In the wake of recurring deadly heat waves plaguing Indian cities, Greenpeace activists took a stand against the delay in implementing the Heatwave Action Plan (HAP) by the Delhi government. Holding a demonstration outside the State Secretariat, activists unfurled a banner reading, “Delhi is Burning – Where is the Heat Action Plan,” to draw attention to the pressing need for immediate action. Greenpeace India, alongside the Heatwave Action Coalition, also released a letter addressed to Chief Minister Arvind Kejriwal, demanding the public consultation on the HAP draft before the end of June 2023, stressing the plan’s crucial role in protecting Delhi and its citizens from the detrimental impacts of extreme heat.
Since April 2023, Greenpeace India and the Heatwave Action Coalition have been urging Chief Minister Kejriwal to release the Delhi Heat Action Plan, which aims to combat the adverse effects of heatwaves in the city. However, despite the urgency, no action has been taken on the matter to date. During this period, Delhi has experienced 18 days with temperatures surpassing 40°Celsius, a situation that poses life-threatening risks, particularly for vulnerable individuals lacking adequate support mechanisms.
“The absence of a heatwave action plan, despite the national guidelines, highlights a concerning lack of action from the Delhi government. With a population of over 18 million, including 11 million vulnerable citizens in the informal sector, it is imperative for the Delhi government to release the Heatwave Action Plan without any delay. Protecting the health and livelihood of people from the devastating effects of heatwaves should be a top priority,” emphasizes Avinash Chanchal, Campaign Manager at Greenpeace India.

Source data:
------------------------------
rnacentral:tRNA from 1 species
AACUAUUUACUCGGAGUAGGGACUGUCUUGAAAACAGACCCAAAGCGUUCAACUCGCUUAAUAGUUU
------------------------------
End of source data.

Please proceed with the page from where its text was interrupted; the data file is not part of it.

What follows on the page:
According to a recent report by United in Science, coordinated by the World Meteorological Organisation, Delhi experienced five heatwaves between March and May 2022, resulting in severe socioeconomic consequences and a public health crisis. This year, the impact of heatwaves continues to devastate the country, with Uttar Pradesh reporting 54 deaths and Bihar recording 42 deaths in just three days. Experts, including the Indian Meteorological Department, have issued warnings that the upcoming months will likely see above-average temperatures, with a high probability of heatwaves hitting central and northwestern India.
“In Delhi, over 60 percent of residents live in informal settlements, rendering them more vulnerable to heatwaves. This includes migrant laborers who have fled climate-related impacts in their home regions, only to become victims of another climate disaster in Delhi. Additionally, heatwaves pose significant risks to the elderly population and newborns. With the El Niño effect expected to bring even more extreme summers starting from mid-2023, swift action is necessary to prevent further losses,” states Avani Goel, an activist with Greenpeace India.
Greenpeace India has put forth a comprehensive set of ten actionable demands to be included in the Delhi Heatwave Action Plan. These demands encompass the timely release of the HAP, integration of scientific climate projections based on local data from Delhi, establishment of a robust early warning system, support for the most vulnerable populations, policy integration and central funding, legally-binding mechanisms, provision of urgent healthcare for heatstroke victims, and the inclusion of nature-based cooling systems.
The citizens of Delhi eagerly await the response from the Delhi government and the implementation of an effective Heatwave Action Plan to protect them from the increasingly dangerous impacts of heatwaves.
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